After the meeting, I drove to Fargo and attended the Democratic state convention.  It was a new experience for me.  It reminded me a little of our powwows.  I was extremely impressed by the passion and dedication exhibited by delegates and candidates to the Democratic Party's causes.  There were plenty of good speakers.  The keynote speaker was Paul Begala who now serves as a political contributor for CNN.  He was a former advisor to President Bill Clinton.  And there were lots of people I knew.  My old friend and mentor Dr. Berg was there as well as Phyllis Howard and several other Indians I knew.

I attended the candidates' breakfast on Sunday; listened to Dorgan, Conrad, and Pomeroy talk (again).  I thoroughly enjoyed the camaraderie displayed by all the people at the convention.  I now look forward to my campaign to become the next person who will represent District #23 in North Dakota's House of Representatives.


Many years ago, I listened to a speech a congressman made right before he retired. He talked about how all the battles he had fought and won over his years in office would have to be fought over and over again by the younger generation. What he was talking about was that people who are crooks (who lie, who steal) never take a break, and he was exhorting the younger generation to carry on the good fight.

Unfortunately, "good values" are not the only values that are passed on to the next generation.  I find it amazing that the same unethical behaviors and tactics I have observed used years and years ago, when I first started working for the tribe, are still in use today. Only the people have changed... or in some cases, I will say the family members have changed.

In many instances, unethical behavior appears to be passed down from parent to child.  There is a core group of tribal members who commit unethical workplace behavior over and over again.  Typically, they are tribal workers who are not at the very top of the chain-of-command in an organization.  Most of the time, they are your average tribal workers who are nice to people outside their jobs, and who are usually involved in community and/or social events.  But, do not underestimate their influence.  While they quietly go about committing unethical work behavior, they often befriend a lot of people in doing so.  They do this for a reason.  They are cunning enough to know they might get into trouble at some time in the future, and they will need all the help they can get.  This is why they pick the ones they befriend very carefully.  They want people who will ignore their unethical behavior and support them regardless.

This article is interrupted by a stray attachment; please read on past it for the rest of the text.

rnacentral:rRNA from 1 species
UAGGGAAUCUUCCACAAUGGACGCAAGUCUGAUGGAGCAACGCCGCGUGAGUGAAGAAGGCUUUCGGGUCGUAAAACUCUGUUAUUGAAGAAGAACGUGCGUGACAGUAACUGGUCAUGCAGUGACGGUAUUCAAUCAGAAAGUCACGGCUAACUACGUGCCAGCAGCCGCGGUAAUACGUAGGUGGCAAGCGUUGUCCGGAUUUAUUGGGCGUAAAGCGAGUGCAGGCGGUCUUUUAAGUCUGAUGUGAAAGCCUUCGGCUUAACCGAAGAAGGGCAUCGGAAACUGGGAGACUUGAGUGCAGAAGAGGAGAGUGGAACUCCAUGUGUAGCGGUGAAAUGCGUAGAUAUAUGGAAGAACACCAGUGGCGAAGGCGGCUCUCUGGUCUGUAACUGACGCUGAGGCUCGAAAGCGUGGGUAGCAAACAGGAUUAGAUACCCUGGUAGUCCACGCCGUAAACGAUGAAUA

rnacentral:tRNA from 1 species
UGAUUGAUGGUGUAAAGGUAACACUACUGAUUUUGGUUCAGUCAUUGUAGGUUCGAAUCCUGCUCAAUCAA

The membership of this unholy group is usually very fluid.  Its members come and go depending upon whatever the issue is.  Some of the characteristics they share are: cowardice, greed, and dishonesty, and they are inclined to defend nepotism and favoritism.

As I said, most of the time, they go quietly about their unethical behavior, but watch out if someone tries to reform them, or if they are recruited by another member of their group to help protect one of their kind who is in trouble.  Then, they can turn as mean as snakes.  They are not afraid to intimidate people by banding together and ganging up on whoever opposes them; and it doesn't matter who.  Other workers, supervisors, CEOs, and tribal council persons, alike, are all subject to their unholy wrath.

Probably, the most common example of the cowardly, dishonest, bullying type of behavior that this group is capable of is when one of their own who is in an influential position is fired or has to resign from his or her job.  Here is what usually happens:

1.  Once the person is fired or resigns, this group immediately, but quietly (some might say sneakily), begins to work to get it reversed.  Why?  Is it because they are true friends with the individual?  Is it because of loyalty?  Absolutely not!  It is because the individual was in a position to do them favors with the program or the position's resources.  They are very skillful in the art of schmoozing anyone who has the influence to reverse the decision.